Starting out on this week, I hadn’t really thought about how all these bands that I’ve been drawn to lately are related. Most are loosely connected, sounding somewhat similar to each other or falling in the same relative genre, yet, with The Specials and today’s artist, Elvis Costello, the connection is direct. Just two years after Costello released his debut album, My Aim is True, he had his hand in producing the debut album for another burgeoning British band. That band was The Specials. While The Specials were a breakbeat ska band, Costello was more of straight forward pub rock artist, but they both shared the same mentality of the English underground music scene.
Costello, (who was born Declan Patrick MacManus) began his career by hustling his way through the local London music scene at night and working menial jobs during the day to make ends meet. Inspired by his father, who was a musician himself, and early rock bands, Costello adopted a strongly pop sound guided by his distinct voice and prowess as a storyteller. In 1976 Costello signed to Stiff Records, a newfound label that was scooping up British New Wave artists, and began working on his first album. At the behest of his label he adopted a stage moniker, taking Elvis from Presley and Costello from his own father’s stage name. The album, which consisted of songs that Costello had written late at night after coming home from his data-entry job, was slow to take off, forcing Costello to keep his day job during the release, but three weeks later it all clicked and Costello gained overnight success.
My Aim is True became one of the greatest rock albums of not only the mid-seventies, but of all time, propelling Costello into the world music spotlight. Yet it wasn’t just the album itself that helped Costello’s rise, it was his overall image. The now famous cover of My Aim is True shows him wearing a colored sportcoat, his signature Buddy Holly glasses, and a well worn Jazzmaster, setting the stage for Costello’s career. His two next albums, This Year’s Model and Armed Forces captured this same aesthetic, harkening back to those early days of rock and roll when showmanship and personality were equally as important as how you sounded.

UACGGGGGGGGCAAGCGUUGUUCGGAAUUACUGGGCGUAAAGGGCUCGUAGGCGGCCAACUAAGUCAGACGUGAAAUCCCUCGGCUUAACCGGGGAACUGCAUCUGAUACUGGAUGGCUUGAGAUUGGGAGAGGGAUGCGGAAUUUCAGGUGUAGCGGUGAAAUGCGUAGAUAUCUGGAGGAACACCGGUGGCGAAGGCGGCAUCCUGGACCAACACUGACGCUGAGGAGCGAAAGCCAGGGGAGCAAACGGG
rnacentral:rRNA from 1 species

In the eighties, Costello began to show just how expansive his musical background is, branching out into soul, country western, harder rock, punk, new wave, and jazz. While this didn’t always spell success for Costello, it did show his diversity as an artist, something that was reflected in his presence, donning polka dot shirts, patterned jackets, and porkpie hats. His exploration into other genres continued into the nineties as Costello dug deeper into jazz and classical, growing a beard and producing vast orchestrated pieces. Coupled with with darker outfits and a long beard, this became Costello’s most severe period. Yet, by the late nineties Costello had swung back to his roots, returning to the straightforward pop songs of his past.
As the turn of the century rolled around, Costello settled into his current stage, flowing through various genres with each respective album. Now clean shaven, and a bit more toned down, Costello still throws in those patterned sportcoats, low-top brimmed hats, darker dress shirts. As a man that has always been renowned for his ability to tell stories through his music no matter how it may be classified, Costello consistently keeps that solid, well-put together base adding in various touches here and there to echo his emotions during that period. And of course, no matter what, he’ll always have his thick Buddy Holly glasses.